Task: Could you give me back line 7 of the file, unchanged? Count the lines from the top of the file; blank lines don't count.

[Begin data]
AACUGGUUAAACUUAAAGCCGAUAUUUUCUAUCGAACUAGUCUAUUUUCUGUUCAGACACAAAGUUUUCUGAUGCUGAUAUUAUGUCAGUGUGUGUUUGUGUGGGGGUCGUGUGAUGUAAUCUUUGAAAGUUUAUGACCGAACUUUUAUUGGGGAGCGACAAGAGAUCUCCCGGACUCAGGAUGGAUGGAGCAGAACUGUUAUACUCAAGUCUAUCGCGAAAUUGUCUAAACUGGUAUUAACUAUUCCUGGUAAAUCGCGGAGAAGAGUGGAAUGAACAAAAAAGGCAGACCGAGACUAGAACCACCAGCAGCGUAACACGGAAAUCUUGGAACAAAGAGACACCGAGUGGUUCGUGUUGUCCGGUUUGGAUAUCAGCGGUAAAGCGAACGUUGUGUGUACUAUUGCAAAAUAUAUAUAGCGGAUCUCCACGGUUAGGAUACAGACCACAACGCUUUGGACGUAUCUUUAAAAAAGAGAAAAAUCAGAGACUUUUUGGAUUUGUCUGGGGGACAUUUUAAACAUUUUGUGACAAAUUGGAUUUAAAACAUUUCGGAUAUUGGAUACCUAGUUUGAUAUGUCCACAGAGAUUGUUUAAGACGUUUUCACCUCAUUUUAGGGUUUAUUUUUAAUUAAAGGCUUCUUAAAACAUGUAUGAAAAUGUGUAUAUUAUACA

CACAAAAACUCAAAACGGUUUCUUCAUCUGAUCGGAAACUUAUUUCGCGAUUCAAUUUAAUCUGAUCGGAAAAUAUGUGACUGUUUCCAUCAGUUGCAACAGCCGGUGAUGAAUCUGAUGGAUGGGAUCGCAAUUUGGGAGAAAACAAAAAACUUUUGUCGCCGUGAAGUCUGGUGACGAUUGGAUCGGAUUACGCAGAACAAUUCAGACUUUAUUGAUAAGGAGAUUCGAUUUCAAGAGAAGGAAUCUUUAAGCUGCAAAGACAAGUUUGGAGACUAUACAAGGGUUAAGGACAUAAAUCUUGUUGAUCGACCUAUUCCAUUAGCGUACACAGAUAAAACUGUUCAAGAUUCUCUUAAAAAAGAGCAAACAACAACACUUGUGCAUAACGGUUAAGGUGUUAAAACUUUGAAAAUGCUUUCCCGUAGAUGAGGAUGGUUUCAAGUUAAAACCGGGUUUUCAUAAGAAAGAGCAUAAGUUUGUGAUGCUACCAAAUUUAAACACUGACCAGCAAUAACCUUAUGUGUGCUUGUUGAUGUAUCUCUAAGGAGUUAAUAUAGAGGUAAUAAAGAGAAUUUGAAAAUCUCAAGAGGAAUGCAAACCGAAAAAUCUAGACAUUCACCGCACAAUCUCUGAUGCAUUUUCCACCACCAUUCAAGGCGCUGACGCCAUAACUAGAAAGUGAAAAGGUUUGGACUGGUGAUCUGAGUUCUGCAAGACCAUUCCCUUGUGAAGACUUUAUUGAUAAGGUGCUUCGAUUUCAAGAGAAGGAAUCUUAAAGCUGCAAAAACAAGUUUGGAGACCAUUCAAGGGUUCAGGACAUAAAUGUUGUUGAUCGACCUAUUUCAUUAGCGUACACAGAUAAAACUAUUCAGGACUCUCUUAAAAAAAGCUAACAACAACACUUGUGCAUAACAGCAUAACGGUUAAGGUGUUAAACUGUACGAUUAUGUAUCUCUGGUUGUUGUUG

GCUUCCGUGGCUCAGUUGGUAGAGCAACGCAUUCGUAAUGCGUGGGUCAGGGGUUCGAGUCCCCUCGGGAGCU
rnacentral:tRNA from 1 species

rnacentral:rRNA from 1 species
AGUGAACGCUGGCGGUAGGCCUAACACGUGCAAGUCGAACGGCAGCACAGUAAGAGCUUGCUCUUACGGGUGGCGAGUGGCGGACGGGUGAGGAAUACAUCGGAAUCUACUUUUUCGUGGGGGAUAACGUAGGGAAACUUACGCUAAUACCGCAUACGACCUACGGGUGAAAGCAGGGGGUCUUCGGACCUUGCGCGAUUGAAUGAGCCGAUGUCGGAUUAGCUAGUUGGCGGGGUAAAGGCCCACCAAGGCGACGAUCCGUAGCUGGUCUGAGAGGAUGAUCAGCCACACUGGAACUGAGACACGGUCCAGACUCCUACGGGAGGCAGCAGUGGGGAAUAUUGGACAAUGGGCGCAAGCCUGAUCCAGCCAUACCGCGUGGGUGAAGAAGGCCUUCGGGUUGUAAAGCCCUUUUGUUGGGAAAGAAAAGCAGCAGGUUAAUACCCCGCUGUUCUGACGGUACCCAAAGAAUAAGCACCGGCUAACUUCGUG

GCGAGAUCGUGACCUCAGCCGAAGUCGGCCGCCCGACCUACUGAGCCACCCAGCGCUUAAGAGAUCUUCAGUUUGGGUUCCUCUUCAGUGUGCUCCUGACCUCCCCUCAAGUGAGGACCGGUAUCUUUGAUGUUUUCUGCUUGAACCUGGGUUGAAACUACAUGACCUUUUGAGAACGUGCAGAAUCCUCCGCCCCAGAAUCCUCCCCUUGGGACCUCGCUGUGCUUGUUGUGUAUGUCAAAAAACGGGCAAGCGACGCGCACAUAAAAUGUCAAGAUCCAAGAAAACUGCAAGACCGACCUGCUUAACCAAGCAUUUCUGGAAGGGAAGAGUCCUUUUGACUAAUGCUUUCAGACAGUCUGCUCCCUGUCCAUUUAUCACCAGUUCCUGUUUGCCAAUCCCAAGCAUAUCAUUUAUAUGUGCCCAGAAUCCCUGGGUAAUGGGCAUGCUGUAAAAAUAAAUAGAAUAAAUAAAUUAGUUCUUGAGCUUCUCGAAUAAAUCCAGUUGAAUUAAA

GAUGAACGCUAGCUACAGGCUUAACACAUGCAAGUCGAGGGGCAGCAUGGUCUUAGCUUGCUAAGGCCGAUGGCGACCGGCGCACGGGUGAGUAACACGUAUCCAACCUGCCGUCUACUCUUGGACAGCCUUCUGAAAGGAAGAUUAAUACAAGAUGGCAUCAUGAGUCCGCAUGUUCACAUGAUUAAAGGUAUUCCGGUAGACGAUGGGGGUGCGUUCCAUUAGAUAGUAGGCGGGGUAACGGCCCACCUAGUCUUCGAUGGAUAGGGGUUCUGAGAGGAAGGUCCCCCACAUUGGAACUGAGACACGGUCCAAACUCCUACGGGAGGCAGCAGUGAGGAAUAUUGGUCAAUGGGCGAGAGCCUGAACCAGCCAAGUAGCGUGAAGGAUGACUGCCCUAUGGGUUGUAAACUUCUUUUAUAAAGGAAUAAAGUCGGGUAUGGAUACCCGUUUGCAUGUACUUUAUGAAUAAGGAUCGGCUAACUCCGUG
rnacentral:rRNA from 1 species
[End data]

GCGAGAUCGUGACCUCAGCCGAAGUCGGCCGCCCGACCUACUGAGCCACCCAGCGCUUAAGAGAUCUUCAGUUUGGGUUCCUCUUCAGUGUGCUCCUGACCUCCCCUCAAGUGAGGACCGGUAUCUUUGAUGUUUUCUGCUUGAACCUGGGUUGAAACUACAUGACCUUUUGAGAACGUGCAGAAUCCUCCGCCCCAGAAUCCUCCCCUUGGGACCUCGCUGUGCUUGUUGUGUAUGUCAAAAAACGGGCAAGCGACGCGCACAUAAAAUGUCAAGAUCCAAGAAAACUGCAAGACCGACCUGCUUAACCAAGCAUUUCUGGAAGGGAAGAGUCCUUUUGACUAAUGCUUUCAGACAGUCUGCUCCCUGUCCAUUUAUCACCAGUUCCUGUUUGCCAAUCCCAAGCAUAUCAUUUAUAUGUGCCCAGAAUCCCUGGGUAAUGGGCAUGCUGUAAAAAUAAAUAGAAUAAAUAAAUUAGUUCUUGAGCUUCUCGAAUAAAUCCAGUUGAAUUAAA